A measurable amount of exposure to a substance or a hazard. Dosage may include exposure to a chemical or even noise.
Chemical substances that are likely to burst. Explosion hazards release pressure that can harm those around them.
A chemical that causes damage to or disease in the eyes. Eye hazards often damage the cornea.
Chemicals that are likely to burn or support fire. Fire hazards may be labeled as combustible or flammable.
Globally Harmonized System. An international standard for communicating chemical hazards through signs, labeling, and Safety Data Sheets. The GHS is intended to provide employees with similar hazard communication information worldwide.
Globally Harmonized System
GHS. An international standard for communicating chemical hazards through signs, labeling, and Safety Data Sheets. The Globally Harmonized System is intended to provide employees with similar hazard communication information worldwide.
hazard communication program
A system that includes a chemical inventory, available Safety Data Sheets, proper chemical labeling, and training. The goal of a hazard communication program to protect people from injuries and illnesses associated with using hazardous chemicals in the workplace.
Hazard Communication Standard
HCS. An established OSHA policy that sets guidelines for hazard communication. The Hazard Communication Standard emphasizes labeling, Safety Data Sheets, and training, and is aligned with the Globally Harmonized System.
Hazardous Materials Identification System
HMIS. A hazard rating by numbers that uses labels, bars that are color-coded, and training materials to identify hazardous materials. HMIS labels are permitted by the HCS as long as they include pictograms and hazard warnings.
Disposable matter that poses a risk to human health or the environment. Hazardous waste requires special types of storage and disposal to make it harmless or less dangerous.
Hazard Communication Standard. An established OSHA policy that sets guidelines for hazard communication. The HCS emphasizes labeling, Safety Data Sheets, and training, and is aligned with the Globally Harmonized System.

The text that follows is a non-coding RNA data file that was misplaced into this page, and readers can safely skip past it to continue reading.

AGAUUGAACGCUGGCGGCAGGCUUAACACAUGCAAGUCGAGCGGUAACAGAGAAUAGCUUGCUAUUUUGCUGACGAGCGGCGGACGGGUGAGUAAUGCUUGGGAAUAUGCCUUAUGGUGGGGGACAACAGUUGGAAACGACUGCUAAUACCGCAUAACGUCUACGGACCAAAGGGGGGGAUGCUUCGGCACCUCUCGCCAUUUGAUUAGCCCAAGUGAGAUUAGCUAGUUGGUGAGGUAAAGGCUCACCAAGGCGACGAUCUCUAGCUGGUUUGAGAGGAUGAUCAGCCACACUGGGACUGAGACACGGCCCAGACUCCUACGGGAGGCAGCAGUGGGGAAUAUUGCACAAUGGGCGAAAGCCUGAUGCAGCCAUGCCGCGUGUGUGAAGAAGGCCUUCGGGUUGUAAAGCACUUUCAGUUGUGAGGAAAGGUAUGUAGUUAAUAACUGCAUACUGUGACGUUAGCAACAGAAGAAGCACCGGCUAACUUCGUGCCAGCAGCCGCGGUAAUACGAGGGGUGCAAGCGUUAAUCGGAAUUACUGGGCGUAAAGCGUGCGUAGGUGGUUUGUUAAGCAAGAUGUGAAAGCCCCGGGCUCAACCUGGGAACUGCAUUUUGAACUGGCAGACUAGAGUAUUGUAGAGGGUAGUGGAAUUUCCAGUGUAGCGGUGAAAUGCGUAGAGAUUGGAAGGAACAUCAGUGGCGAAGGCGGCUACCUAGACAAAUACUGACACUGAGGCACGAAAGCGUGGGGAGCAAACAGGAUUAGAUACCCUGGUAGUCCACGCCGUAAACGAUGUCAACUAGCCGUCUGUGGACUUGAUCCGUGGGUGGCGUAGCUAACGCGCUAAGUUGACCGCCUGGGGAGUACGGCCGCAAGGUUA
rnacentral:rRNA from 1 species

Any chemical that can cause an acute reaction, chronic effect, or both. These chemicals may compromise a person's health and safety.
A chemical that causes damage to or disease in the liver. The effects of a hepatotoxin depend on various factors such as the amount and method of exposure.
highly toxic agent
A chemical that has been shown to cause death in lab rats that receive relatively low dosages. Highly toxic agents can be deadly when exposure occurs.
Hazardous chemicals that are under the control of and used only by the person who transfers them from a labeled container. Immediate use can only occur within the work shift in which the chemicals are transferred.
A person trained to anticipate, recognize, evaluate, and develop controls for occupational health and environmental hazards. Industrial hygienists may perform the data analysis during hazard determination.
A quantity of materials or goods held in stock. Tracking inventory is a required step of a hazard communication program.
A chemical that causes inflammation and swelling in human tissue. An irritant usually causes short-term effects.
A printed form of identification that is attached to a container. OSHA requires chemicals to have labels with specific information.
Material Safety Data Sheet
MSDS. This term was used in place of Safety Data Sheet (SDS). Material Safety Data Sheet must be updated to SDS.
A non-reactive combination or a solution composed of two or more substances. Saltwater is an example of a simple mixture.
A chemical that causes damage to or disease in the kidneys. The effects of a nephrotoxin are more severe in people already suffering from kidney problems.
The system that includes the nerves, spinal cord, and brain. The nervous system controls all bodily functions.
A chemical that causes damage to or disease in the nervous system. A neurotoxin can cause target organ effects.
National Fire Protection Association 704.This is a standard that is maintained by the NFPA that details a system of identification of the hazards of materials for emergency response. NFPA 704 labels for chemical containers meet the HCS 2012requirements if pictograms and hazard warnings meet the new standard.
Occupational Safety and Health Administration